I revisit old experiences and compare their context with more recent ones. The following thoughts developed through a conversation with a cousin. She is from the middle east,, and western educated. We talked about rights. In the United States, people are very attached to the rhetoric associated with their “rights”. They often try to apply American rights in places they don’t belong.
What are these rights, exactly? Where do they come from?
America is one of the wealthiest countries in the world, but has some of the poorest people, wide variety of health problems, diseases, violence and crime. Why don’t people worry more about that instead of the infringement on their rights? I feel the need here to address a recent example highlighting the many ill-conceived opinions about “rights.” Lately, there has been a flood of articles, posts, blogs, and comments about Duck Dynasty’s Phil Robertson’s comments about homosexuality in GQ magazine. A&E temporarily suspended him from the show and an outpouring of internet users had very strong opinions on the matter. A common theme from internet commentators supporting Phil had things to say like: “It’s called freedom of speech” or “Read the Bill of Rights.”
Without delving into any politics or opinions on the gays- let’s focus on FREEDOM OF SPEECH. Again, we revisit the question What are these rights, exactly? Freedom of speech protects you from the government. It’s why we can blame the president and hate on gays ALL DAY LONG on the internet, in magazines, and everywhere in between. Phil Robertson could literally shout what he said from the rooftops, and the government can not prosecute him for voicing his beliefs. The bill of rights has nothing to do with what your employer may or may not allow you to say when you represent them.
Small example: In my company, we have to take a “Professionalism in the workplace” training course every three years. They teach us how to not sexually harass each other and to not talk about politics while at work. Is this a violation of freedom of speech? Absolutely not- its called being a professional with a paycheck. Do you want your paycheck? Don’t say controversial things while you represent a professional organization.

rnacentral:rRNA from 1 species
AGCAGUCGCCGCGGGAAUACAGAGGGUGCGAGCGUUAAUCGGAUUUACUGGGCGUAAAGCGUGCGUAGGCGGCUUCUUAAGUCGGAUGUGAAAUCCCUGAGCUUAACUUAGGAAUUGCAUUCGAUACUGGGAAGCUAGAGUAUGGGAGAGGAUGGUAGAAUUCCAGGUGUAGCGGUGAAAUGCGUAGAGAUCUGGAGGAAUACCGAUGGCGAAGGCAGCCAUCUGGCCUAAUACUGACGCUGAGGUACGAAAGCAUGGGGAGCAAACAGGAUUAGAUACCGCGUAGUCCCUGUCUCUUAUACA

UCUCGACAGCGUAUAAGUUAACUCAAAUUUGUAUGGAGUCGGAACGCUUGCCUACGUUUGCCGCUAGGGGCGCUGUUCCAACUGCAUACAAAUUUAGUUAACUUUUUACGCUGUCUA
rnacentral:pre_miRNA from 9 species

I digress, back to the point. The whole idea is that people are extremely offended and feel rights are violated when their entire conception of said rights is altogether misinformed and uneducated. The subject matter is irrelevant. What are the terms of these rights? You should know what they mean when you feel they’ve been violated. We are a nation full of “the people who cried rights”. This syndrome is so severe, that the attachment follows us wherever we go. Back to my conversation with my cousin in Bahrain- She told me about expats who try to explain and educate her on her rights. The tragic in this is….. when you leave the United States, you are no longer playing by the same set of rules. As a traveler, you ought to know this. They try to explain to her that as a woman in the Middle East who covers her hair, she is oppressed. Meanwhile, they actually know very little about women’s rights or Islamic culture, or its laws.
Below is a photo of me enjoying my rights in Qatar, dressed in red, white and blue on Qatari national day, climbing on top of cars during their parade.
My cousin explained to me, in very brief terms why these conversations bother her. It’s the facts which people choose to ignore or remain ignorant to. They leave the US and never understand that the same rules don’t apply everywhere.
In our culture, women do not share with men. A man can neither tell me to work, nor keep me from working. A man can not access my wealth or my inheritance. My money is mine and mine alone. I don’t even change my name for him. This is the essence of my rights and the laws here. I am protected by the laws of my country and the laws of my religion. Who are you? You are either your father’s daughter or your husbands wife. You can not even choose your own name.
Know your rights and what they mean. Know your surroundings and recognize other people rights. Their rights may not be the same as yours, but they feel just as strongly when their rights are challenged.